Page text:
or Gelfand and Kolmogorov but it is unreasonable to expect more
than a few such men in a generation.
Still, the charge that mathematicians have separated themselves
from their sister disciplines like physics and astronomy reflects a
true state of affairs. Specialization is the inevitable price of the
increase of knowledge. One cannot expect many future scientists to
combine mathematical and physical achievements in the manner
of Newton or Gauss. Yet we must not allow ourselves or our stu

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The Community of Mathematics
55
dents to become intimidated by the "explosion of knowledge." 'The
problem facing us is mainly that of communication and, by impli-
cation, that of education.
IMPROVING COMMUNICATIONS
In the mathematical sciences, as in most other sciences, the explo-
sive growth of activities has had an important side effect. The
problems of communication between scientists in various disciplines,
between the creators of new theories and the users of these theories,
between investigators and teachers, between teachers at various
levels, between working scientists and scientific administrators, and
last but not least between the scientific community and the citizenry
at large have become difficult and require a conscious effort at
solutions.
The volume of scientific literature has increased so much that
the average working mathematician cannot even scan all the review
journals. This results in the paradoxical situation that while many
more printed pages of mathematics appear than ever before, mathe-
maticians must depend to a large extent on personal contacts and
personal correspondence in order to keep abreast of the current
developments in their specialties. (This explains why conferences
and symposia are an indispensable part of contemporary scientific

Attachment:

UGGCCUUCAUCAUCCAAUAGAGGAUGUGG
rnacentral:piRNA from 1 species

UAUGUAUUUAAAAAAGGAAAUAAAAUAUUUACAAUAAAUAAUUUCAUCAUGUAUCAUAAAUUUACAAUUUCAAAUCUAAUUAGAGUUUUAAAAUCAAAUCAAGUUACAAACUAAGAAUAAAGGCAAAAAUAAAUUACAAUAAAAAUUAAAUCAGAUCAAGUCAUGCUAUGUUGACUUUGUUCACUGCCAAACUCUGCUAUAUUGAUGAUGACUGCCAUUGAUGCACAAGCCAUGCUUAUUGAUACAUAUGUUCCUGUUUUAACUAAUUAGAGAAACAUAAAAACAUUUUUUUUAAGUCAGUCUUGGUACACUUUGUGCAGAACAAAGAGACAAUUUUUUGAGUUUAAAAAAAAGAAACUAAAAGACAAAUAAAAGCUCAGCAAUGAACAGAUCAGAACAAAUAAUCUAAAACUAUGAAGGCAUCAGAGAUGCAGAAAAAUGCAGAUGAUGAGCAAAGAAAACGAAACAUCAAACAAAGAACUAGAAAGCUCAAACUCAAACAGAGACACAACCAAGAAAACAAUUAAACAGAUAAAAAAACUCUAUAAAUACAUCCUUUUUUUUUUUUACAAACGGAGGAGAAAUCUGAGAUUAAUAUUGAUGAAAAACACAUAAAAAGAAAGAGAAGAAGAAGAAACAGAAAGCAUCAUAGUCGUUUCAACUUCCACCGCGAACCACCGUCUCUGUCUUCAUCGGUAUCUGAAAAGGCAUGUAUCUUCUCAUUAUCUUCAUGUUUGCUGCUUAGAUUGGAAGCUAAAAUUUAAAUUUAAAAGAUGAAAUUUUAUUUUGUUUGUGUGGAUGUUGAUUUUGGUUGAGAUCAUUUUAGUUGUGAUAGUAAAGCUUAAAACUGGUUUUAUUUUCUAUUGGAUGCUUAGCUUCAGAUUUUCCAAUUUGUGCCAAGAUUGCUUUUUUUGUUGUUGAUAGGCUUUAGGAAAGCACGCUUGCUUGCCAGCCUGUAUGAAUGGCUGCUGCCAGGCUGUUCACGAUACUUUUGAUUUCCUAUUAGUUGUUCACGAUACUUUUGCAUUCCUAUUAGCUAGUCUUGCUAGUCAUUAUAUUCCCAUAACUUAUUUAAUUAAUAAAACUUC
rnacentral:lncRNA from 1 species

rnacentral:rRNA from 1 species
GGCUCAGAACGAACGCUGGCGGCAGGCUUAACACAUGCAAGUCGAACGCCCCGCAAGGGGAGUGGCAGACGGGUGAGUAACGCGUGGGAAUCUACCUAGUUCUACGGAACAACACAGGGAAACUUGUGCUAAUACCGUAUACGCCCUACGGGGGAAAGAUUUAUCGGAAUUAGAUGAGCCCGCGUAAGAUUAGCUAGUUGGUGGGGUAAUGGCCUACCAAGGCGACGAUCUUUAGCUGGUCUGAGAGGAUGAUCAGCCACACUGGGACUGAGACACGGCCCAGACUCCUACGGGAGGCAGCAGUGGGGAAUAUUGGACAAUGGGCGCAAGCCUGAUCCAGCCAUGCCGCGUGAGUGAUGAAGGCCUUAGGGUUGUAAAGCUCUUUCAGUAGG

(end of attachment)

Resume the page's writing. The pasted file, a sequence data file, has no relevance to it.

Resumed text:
research.) The ultimate solution may come from radical new
methods for storing, retrieving, and dispensing information. Per-
haps journals, books, and libraries as we know them will be replaced
by other techniques. This, however, will not happen at once.
A different problem is that of communication between various
branches of the mathematical community. Here the difficulties are
not technical but psychological and intellectual. In the central
area of core mathematics any threat to the exchange of ideas and
results between subdisciplines has been overcome through recent
unifying tendencies. On the other hand, this danger is acute as far
as the interfaces between core mathematics and the applied and
partly mathematical sciences are concerned and even more so be-
tween the mathematical sciences as a whole and the various users of
mathematics. What is needed is a conscious effort by highly qualified
people to overcome this "communication gap" by specially written
books and articles, by interdisciplinary conferences and courses, and
by other appropriate means. If this endeavor is to be successful,

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The State of the Mathematical Sciences
leadership must come from the profession, specifically from indi-
viduals. Financial support, where necessary, will also have to be
found.
The problems of communication and publication have recently
been considered in more detail by the American Mathematical
Society's ad hoc Committee on Information Exchange and Publica-
tion in Mathematics. By special permission we have reproduced that
committee's final report in Appendix B. Its recommendations are
addressed to the American Mathematical Society but may provide
more general guidance.
During the past decade, the mathematical sciences have made
strenuous and successful efforts to establish communications be-
tween the investigators and teachers of mathematics at various
levels. The various programs for curriculum reform in high schools
and elementary schools involve joint work by university mathe-
maticians and teachers. The manifold activities of the Committee
on the Undergraduate Program in Mathematics (CUPM) establish
a link between graduate schools and colleges. We do not believe
that any of these groups has already found definitive solutions to
the problems of mathematics education. Valuable steps have
already been taken, however, and such work should be continued
and supported.
The problem of making mathematics understandable to the edu-
cated layman continues to be almost insurmountable. A Greek
tyrant who wanted a rapid explanation of mathematics was told
that there was no royal road to this science. This remains true. It
is equally true, however, that the mathematical community has a
duty to do all it can to make its work understandable to those who
want to understand it. The collection of essays7 to be published in
conjunction with our report is a modest contribution in this direc-
tion.